Book Plunge: Paul and the Language of Faith

What do I think of Nijay Gupta’s book published by Eerdmans? Let’s plunge into the Deeper Waters and find out.

Just go online to any atheist community or atheist-Christian debate and watch what is said about faith. Faith is believing without evidence. Faith is saying things you know aren’t true. When I meet these people, I ask them about the word pistis in the New Testament, which is commonly translated faith, though not always, and ask if they have any evidence for their claim that that is how pistis was understood.

Oddly enough, they have none.

I guess they believe without evidence.

So when I saw that a New Testament scholar had published a book on pistis like this, I had to get it immediately. Gupta decided to do his research after hearing students in his seminary even speak the same way. I have heard this happen before remembering one Christian responding to an atheist he couldn’t answer by saying “I have faith!”

Gupta mainly wants to focus on how faith is used in the Pauline literature, but he does explore how it is used in literature outside of the New Testament for that. The findings are entirely consistent with my own research over the years. Faith generally refers to loyalty. It is an essential that holds society together. One is expected to have good faith when making contracts and covenants. Faith refers to the reliability of something.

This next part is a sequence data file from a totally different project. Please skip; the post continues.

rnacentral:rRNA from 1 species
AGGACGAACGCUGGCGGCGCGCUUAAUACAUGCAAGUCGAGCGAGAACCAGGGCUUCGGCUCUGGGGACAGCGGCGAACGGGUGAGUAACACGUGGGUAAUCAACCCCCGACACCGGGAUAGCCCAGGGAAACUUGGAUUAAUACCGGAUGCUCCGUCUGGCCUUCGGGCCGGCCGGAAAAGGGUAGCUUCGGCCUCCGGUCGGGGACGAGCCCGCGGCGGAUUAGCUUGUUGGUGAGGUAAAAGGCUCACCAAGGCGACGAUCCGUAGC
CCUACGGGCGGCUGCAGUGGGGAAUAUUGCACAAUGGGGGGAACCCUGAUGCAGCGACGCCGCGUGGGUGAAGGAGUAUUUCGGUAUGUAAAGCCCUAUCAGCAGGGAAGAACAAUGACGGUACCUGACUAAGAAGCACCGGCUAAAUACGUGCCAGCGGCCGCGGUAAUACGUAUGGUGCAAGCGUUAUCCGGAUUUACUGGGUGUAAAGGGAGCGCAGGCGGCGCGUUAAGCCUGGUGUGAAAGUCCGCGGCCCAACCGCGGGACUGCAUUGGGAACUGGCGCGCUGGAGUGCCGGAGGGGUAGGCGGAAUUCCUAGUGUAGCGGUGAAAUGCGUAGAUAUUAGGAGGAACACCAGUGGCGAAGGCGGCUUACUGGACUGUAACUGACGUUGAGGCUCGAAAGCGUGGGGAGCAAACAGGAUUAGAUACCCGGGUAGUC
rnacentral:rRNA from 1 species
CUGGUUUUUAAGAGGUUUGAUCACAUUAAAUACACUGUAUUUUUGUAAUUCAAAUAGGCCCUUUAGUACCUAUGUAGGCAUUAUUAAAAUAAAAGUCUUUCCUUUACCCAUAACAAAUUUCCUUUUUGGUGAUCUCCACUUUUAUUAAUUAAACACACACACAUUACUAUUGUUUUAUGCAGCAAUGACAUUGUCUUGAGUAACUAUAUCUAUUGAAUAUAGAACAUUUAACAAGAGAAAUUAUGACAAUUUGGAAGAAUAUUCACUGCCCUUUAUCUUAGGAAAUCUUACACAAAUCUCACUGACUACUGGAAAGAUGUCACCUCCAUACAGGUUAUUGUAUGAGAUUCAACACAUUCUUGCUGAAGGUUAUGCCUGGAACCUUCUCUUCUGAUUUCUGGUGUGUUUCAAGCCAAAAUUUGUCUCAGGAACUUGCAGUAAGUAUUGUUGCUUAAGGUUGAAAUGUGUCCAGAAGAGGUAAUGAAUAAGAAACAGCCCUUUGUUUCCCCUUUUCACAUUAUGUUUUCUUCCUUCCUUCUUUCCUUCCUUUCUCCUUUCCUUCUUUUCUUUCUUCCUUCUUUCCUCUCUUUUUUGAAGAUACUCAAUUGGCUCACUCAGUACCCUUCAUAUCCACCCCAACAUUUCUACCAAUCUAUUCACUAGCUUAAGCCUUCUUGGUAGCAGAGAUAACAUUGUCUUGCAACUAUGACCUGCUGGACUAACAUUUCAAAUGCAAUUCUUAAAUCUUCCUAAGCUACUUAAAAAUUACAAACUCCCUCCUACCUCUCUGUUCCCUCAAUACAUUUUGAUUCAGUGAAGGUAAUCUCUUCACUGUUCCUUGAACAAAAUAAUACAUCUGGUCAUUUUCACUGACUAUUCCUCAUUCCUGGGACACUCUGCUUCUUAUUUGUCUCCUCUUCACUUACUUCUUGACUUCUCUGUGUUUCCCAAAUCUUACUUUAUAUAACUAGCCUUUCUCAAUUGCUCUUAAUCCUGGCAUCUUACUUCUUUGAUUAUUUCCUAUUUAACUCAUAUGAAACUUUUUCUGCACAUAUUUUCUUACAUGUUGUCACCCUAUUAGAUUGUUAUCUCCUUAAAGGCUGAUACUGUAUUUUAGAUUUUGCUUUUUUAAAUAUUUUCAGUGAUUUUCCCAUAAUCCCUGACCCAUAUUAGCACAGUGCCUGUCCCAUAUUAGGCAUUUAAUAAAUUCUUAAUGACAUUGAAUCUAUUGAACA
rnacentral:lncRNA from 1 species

Faith is also an action that one does. If you have faith, you will perform in such and such a way depending on the referent of said faith. An easy-believism would not have made any sense to Paul or anyone in the ancient world. If you believe that Jesus is Lord in the true sense of faith, you should live accordingly. Yes. Even the demons in James do that. They live consistently in trembling knowing judgment is coming.

So it is in Scripture that faith is not just signing a doctrinal statement. It is saying that you are loyal to King Jesus. Now to be sure, sometimes, faith can be used in a different sense. It can be used to describe the content of what one believes, such as one who keeps the faith, but that can just as well mean that such a person has remained loyal to King Jesus.

There is a section on what is meant by the faith of Christ as it were. Does it mean Christ’s faithfulness or does it mean our trust in Christ? I won’t spoil for those who haven’t read the book. If you are interested in that debate, you do need to see this book.

Those who are atheists should consider reading this book as well, at least the section on pistis outside of the New Testament and even in Jewish writings like Josephus. Those who say faith is blind are referring to a more modern Western look at the word. They are not referring to anything that can be found in the New Testament.

If there was one thing I would change about this book, it would be to cover more of Hebrews. You might say that this book is about Paul and what he meant by pistis, but sometimes Gupta does go to Revelation and the Gospels. Should Hebrews 11:1 not have been covered at least one time in all of this? I consider this a major oversight and I hope that in future editions, this important passage will be covered.

Despite that, the book is highly educational on the meaning of faith. If you are a Christian who uses faith in the sense of blind belief even when you don’t have evidence, stop. If you are an atheist who thinks faith is the same thing, stop. Both of you are ignoring the historical context of the word.

In Christ,
Nick Peters

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